WASHINGTON -- He told us it was going to be huge. Truly one of the biggest ever. And now Donald Trump has some polling data to back him up.
The celebrity hotelier, who announced his campaign for president in June, is surging in national and early primary polls. Trump placed second in a national CNN poll released Wednesday, with 12 percent of GOP primary voters saying they were most likely to support him in 2016. In fact, he outranked every other candidate in the crowded Republican field except former Florida Gov. Jeb Bush, who garnered 19 percent.
In the all-important early caucus state of Iowa, Trump is locked in a fight for second place with famed neurosurgeon Ben Carson. According to a Quinnipiac University poll also released Wednesday, the two candidates trail Wisconsin Gov. Scott Walker (R), who is expected to enter the race later this month, at 10 percent each.
Similarly, in New Hampshire, Trump's appeal is on the rise. A Suffolk University poll of Granite State Republicans released last week found 11 percent backing Trump, second only to Bush, who stood at 14 percent.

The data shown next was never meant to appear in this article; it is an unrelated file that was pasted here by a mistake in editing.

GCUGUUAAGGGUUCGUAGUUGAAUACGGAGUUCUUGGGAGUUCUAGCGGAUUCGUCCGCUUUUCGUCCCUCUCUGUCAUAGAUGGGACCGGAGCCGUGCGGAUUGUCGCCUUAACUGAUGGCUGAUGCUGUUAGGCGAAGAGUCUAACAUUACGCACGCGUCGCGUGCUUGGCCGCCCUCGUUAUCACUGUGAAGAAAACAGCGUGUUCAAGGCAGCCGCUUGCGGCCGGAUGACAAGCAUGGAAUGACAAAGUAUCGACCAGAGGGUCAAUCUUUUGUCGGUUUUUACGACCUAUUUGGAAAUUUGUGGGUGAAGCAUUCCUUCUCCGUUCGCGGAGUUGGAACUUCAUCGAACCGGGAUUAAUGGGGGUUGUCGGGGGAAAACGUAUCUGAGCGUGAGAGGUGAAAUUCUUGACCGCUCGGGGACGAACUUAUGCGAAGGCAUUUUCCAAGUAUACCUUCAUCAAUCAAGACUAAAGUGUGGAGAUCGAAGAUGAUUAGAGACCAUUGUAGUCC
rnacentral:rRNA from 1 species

What are we to make of Trump-mentum? In the long term, nothing. Despite the relatively high percentage of people who said they'd support him, the Quinnipiac poll found a notably high number of Iowans who view Trump unfavorably. (New Jersey Gov. Chris Christie, who entered the race on Tuesday, garnered similar unfavorability ratings.) Twenty-eight percent of voters said they would definitely not support Trump, according to Quinnipiac, the highest proportion for that question among the GOP presidential field. His ascendance is merely a blip in a race that will likely see many different front-runners, much as the 2012 GOP primary campaign did.
In the immediate future, however, Trump's candidacy presents a problem for Republican leaders. If he continues to surge in the polls, he could very likely qualify for the first GOP primary debate, which Fox News is hosting in August, robbing a more plausible candidate of the chance to be heard before a national audience.
Trump's bombastic, controversial statements could also derail the entire debate or cause headaches for his GOP rivals for the nomination by forcing them to answer for his views. Trump's latest fiasco -- he said that some Mexican immigrants were "rapists and criminals" -- is only the latest example of the threat he poses to the party.
But at least for the moment, America can savor the prospect of a Trump presidency.